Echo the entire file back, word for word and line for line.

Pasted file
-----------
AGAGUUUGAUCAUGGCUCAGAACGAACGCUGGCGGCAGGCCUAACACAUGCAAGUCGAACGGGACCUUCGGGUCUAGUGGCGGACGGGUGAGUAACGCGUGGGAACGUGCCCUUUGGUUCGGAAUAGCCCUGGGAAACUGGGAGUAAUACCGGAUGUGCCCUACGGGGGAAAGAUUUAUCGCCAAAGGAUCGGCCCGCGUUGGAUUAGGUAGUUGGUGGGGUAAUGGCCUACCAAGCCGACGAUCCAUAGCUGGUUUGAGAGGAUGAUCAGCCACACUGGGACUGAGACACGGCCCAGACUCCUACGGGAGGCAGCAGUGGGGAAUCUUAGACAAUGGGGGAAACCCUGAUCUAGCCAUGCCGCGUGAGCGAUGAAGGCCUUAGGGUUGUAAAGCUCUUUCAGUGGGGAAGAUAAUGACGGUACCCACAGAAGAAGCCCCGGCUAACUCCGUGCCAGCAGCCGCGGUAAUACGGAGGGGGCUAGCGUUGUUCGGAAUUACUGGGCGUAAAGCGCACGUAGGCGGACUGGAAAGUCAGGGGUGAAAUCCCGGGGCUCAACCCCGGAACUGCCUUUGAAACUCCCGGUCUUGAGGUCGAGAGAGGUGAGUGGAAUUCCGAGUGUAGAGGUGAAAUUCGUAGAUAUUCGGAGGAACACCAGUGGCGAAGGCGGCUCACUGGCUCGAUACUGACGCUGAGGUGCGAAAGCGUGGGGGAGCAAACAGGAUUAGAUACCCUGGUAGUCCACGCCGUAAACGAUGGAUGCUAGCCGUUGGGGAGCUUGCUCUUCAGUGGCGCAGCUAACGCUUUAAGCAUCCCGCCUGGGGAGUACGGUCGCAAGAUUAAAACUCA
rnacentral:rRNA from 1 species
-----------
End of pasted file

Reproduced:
AGAGUUUGAUCAUGGCUCAGAACGAACGCUGGCGGCAGGCCUAACACAUGCAAGUCGAACGGGACCUUCGGGUCUAGUGGCGGACGGGUGAGUAACGCGUGGGAACGUGCCCUUUGGUUCGGAAUAGCCCUGGGAAACUGGGAGUAAUACCGGAUGUGCCCUACGGGGGAAAGAUUUAUCGCCAAAGGAUCGGCCCGCGUUGGAUUAGGUAGUUGGUGGGGUAAUGGCCUACCAAGCCGACGAUCCAUAGCUGGUUUGAGAGGAUGAUCAGCCACACUGGGACUGAGACACGGCCCAGACUCCUACGGGAGGCAGCAGUGGGGAAUCUUAGACAAUGGGGGAAACCCUGAUCUAGCCAUGCCGCGUGAGCGAUGAAGGCCUUAGGGUUGUAAAGCUCUUUCAGUGGGGAAGAUAAUGACGGUACCCACAGAAGAAGCCCCGGCUAACUCCGUGCCAGCAGCCGCGGUAAUACGGAGGGGGCUAGCGUUGUUCGGAAUUACUGGGCGUAAAGCGCACGUAGGCGGACUGGAAAGUCAGGGGUGAAAUCCCGGGGCUCAACCCCGGAACUGCCUUUGAAACUCCCGGUCUUGAGGUCGAGAGAGGUGAGUGGAAUUCCGAGUGUAGAGGUGAAAUUCGUAGAUAUUCGGAGGAACACCAGUGGCGAAGGCGGCUCACUGGCUCGAUACUGACGCUGAGGUGCGAAAGCGUGGGGGAGCAAACAGGAUUAGAUACCCUGGUAGUCCACGCCGUAAACGAUGGAUGCUAGCCGUUGGGGAGCUUGCUCUUCAGUGGCGCAGCUAACGCUUUAAGCAUCCCGCCUGGGGAGUACGGUCGCAAGAUUAAAACUCA
rnacentral:rRNA from 1 species